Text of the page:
None of this is new. We went through much of the same thing in the post World War II years from 1945 to 1955. Significant changes in where we build, how we build, and how we financed housing evolved out of this post-war decade. But these changes came out of the development community not the politicized, cover-my-butt government agencies and their reports and findings. My biggest fear is that the development industry itself can no longer step up to the plate and even bat for average.


Stay Tuned . . . . . . . . .

Tuesday, April 8, 2014

Gentrification

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One Sign of Gentrification - The Debris Box
San Francisco is reinventing itself, again. Back in the post-hippie days we lived in many neighborhoods of San Francisco, from the Marina to the hillier bits on the city's southern frontier. As with any city, San Francisco is more a collection of small towns interconnected with a gridded fabric of streets, parks, and retail blocks. And for the most part the city is also significantly single-family homes. Sure there are large apartment buildings (especially closer to downtown) and in some neighborhoods many of the homes are now rental, but overall, single-family homes dominate. And because of this, areas fall in and out of favor. Some San Francisco districts, like in other cities, fell in value and failed due to lack of care, changes in race, declining values, and fear. But these districts also turned around.

Over the years one of the rally calls of social critics and urbanists was "Stop Gentrification," a somewhat pejorative term meaning that some "other" group was taking over a neighborhood and, OMG, fixing up derelict properties and moving in. Try as many of these people-of-conscience might to vilify this activity, most of the locals in the area were thrilled to finally see a positive change to a declining district. I saw this forty years ago in the Western Addition, then on Polk, then the Castro, and so on and so on. For San Francisco this was often the work of the expanding gay community in a city that accepts everyone.

All these improvements are a result of seeking value. Every neighborhood of most large cities will experience it; it is evolutionary and is not necessarily driven by racial change. Some are driven by fashion, life style, and aging in place until the need for wholesale replacement by the next generation. During the era of freeways and expressways bifurcating American cities it was not unusual to find isolated neighborhoods that suffered. Today many of these are being reborn.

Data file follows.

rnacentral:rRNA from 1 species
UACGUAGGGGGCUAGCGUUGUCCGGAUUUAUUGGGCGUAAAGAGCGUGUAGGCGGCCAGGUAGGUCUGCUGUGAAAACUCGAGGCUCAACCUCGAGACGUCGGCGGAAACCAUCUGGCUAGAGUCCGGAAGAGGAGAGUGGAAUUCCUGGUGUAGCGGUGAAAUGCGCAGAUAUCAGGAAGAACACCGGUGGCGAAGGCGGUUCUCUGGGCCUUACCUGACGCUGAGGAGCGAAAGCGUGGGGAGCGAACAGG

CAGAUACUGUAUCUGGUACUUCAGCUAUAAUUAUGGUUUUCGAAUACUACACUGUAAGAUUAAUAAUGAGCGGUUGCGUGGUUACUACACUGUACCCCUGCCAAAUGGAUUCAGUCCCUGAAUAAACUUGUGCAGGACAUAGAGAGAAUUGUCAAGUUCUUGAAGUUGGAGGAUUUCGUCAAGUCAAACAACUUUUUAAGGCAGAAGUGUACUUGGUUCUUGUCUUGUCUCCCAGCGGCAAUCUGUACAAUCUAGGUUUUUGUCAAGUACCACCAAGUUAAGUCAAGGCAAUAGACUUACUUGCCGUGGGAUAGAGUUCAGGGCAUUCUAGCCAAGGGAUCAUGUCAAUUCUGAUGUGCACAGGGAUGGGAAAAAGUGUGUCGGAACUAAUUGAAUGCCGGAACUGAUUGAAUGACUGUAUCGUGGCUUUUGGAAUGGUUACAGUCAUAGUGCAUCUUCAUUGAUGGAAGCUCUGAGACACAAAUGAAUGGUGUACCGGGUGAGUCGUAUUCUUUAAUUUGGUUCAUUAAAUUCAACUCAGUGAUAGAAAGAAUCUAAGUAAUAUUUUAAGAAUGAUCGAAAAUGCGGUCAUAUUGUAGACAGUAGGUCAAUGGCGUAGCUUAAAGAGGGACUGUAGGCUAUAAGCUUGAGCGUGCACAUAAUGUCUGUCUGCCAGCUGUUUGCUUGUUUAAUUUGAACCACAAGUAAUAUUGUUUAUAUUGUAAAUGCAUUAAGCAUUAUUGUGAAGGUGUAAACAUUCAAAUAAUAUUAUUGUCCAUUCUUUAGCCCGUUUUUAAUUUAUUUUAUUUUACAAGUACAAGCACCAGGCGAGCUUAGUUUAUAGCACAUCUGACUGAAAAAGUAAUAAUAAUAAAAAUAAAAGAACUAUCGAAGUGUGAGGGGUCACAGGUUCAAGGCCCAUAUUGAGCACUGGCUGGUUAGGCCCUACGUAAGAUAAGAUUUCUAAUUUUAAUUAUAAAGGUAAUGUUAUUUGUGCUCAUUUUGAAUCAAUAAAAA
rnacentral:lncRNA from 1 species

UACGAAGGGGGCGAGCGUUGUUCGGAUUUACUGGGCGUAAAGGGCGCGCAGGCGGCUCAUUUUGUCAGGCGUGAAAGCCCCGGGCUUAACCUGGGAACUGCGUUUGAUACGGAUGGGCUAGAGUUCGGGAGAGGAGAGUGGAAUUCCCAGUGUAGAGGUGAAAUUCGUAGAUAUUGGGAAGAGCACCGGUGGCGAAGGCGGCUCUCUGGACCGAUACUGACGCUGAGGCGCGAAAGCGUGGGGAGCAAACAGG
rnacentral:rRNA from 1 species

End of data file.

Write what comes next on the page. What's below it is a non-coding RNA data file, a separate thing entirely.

Currently San Francisco is facing another round of gentrification, this time financially driven. It can be seen in the Goggle buses and other high-tech charters that prowl the neighborhoods picking up employees for the one hour drive to their jobs in Silicon Valley. Nice work if you can get it. It's pushed protestors to stand in front of the buses demanding some type of social justice. It escapes me how or what that would be. I do recall a great cry during the past twenty years for more transit use and less auto traffic, but I guess that if it's one of the tech firms it doesn't count.

But what does count is the impact that these very affluent employees have on the city. The neighborhood and cities around the core of Silicon Valley and north San Jose are now too expensive for the everyday employee and besides who wants to live in a tacky suburban tract home that costs 2 million. San Francisco, as it did for us more than forty years ago, draws young people, it has for one hundred and fifty years; nothing has changed – other than it too is becoming very expensive, again. Dodgier neighborhoods are being rehabbed, new shops are appearing, and rents are rising. And even though the pols downtown wring their hands over these changes (to appease their cultural/political supporters), down in their dark hearts they are thrilled. Higher values mean more tax revenue, higher values mean a less problematic population, and higher values mean advancement not decline.

Now the Bay Area is experiencing the classic spill-over effect. Oakland, while definitely NOT San Francisco is also experiencing some uptick, especially along the estuary and neighborhoods with views of San Francisco and the Bay (now if they could only get their political house in order). Alameda and Berkeley are also feeling the love. Unfortunately many who live there are on the wrong end of the ox and are also feeling the pinch, especially when it comes to rising rents.